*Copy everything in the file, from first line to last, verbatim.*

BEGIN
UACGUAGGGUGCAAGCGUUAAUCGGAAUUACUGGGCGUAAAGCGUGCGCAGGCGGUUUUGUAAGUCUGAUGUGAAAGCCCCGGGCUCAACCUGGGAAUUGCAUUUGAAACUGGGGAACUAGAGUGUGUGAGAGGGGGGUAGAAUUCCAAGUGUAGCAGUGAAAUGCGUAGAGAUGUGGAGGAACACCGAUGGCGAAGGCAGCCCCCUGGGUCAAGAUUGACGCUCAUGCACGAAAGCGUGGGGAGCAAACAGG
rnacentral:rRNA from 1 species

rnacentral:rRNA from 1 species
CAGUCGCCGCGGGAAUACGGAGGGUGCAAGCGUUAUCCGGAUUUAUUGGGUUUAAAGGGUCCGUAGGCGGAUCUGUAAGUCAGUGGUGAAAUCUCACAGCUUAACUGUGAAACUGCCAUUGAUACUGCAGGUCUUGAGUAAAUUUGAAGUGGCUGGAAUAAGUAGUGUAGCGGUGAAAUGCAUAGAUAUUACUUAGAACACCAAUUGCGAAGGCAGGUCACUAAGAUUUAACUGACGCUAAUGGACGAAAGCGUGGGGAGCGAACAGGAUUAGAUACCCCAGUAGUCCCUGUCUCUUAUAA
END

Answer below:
UACGUAGGGUGCAAGCGUUAAUCGGAAUUACUGGGCGUAAAGCGUGCGCAGGCGGUUUUGUAAGUCUGAUGUGAAAGCCCCGGGCUCAACCUGGGAAUUGCAUUUGAAACUGGGGAACUAGAGUGUGUGAGAGGGGGGUAGAAUUCCAAGUGUAGCAGUGAAAUGCGUAGAGAUGUGGAGGAACACCGAUGGCGAAGGCAGCCCCCUGGGUCAAGAUUGACGCUCAUGCACGAAAGCGUGGGGAGCAAACAGG
rnacentral:rRNA from 1 species

rnacentral:rRNA from 1 species
CAGUCGCCGCGGGAAUACGGAGGGUGCAAGCGUUAUCCGGAUUUAUUGGGUUUAAAGGGUCCGUAGGCGGAUCUGUAAGUCAGUGGUGAAAUCUCACAGCUUAACUGUGAAACUGCCAUUGAUACUGCAGGUCUUGAGUAAAUUUGAAGUGGCUGGAAUAAGUAGUGUAGCGGUGAAAUGCAUAGAUAUUACUUAGAACACCAAUUGCGAAGGCAGGUCACUAAGAUUUAACUGACGCUAAUGGACGAAAGCGUGGGGAGCGAACAGGAUUAGAUACCCCAGUAGUCCCUGUCUCUUAUAA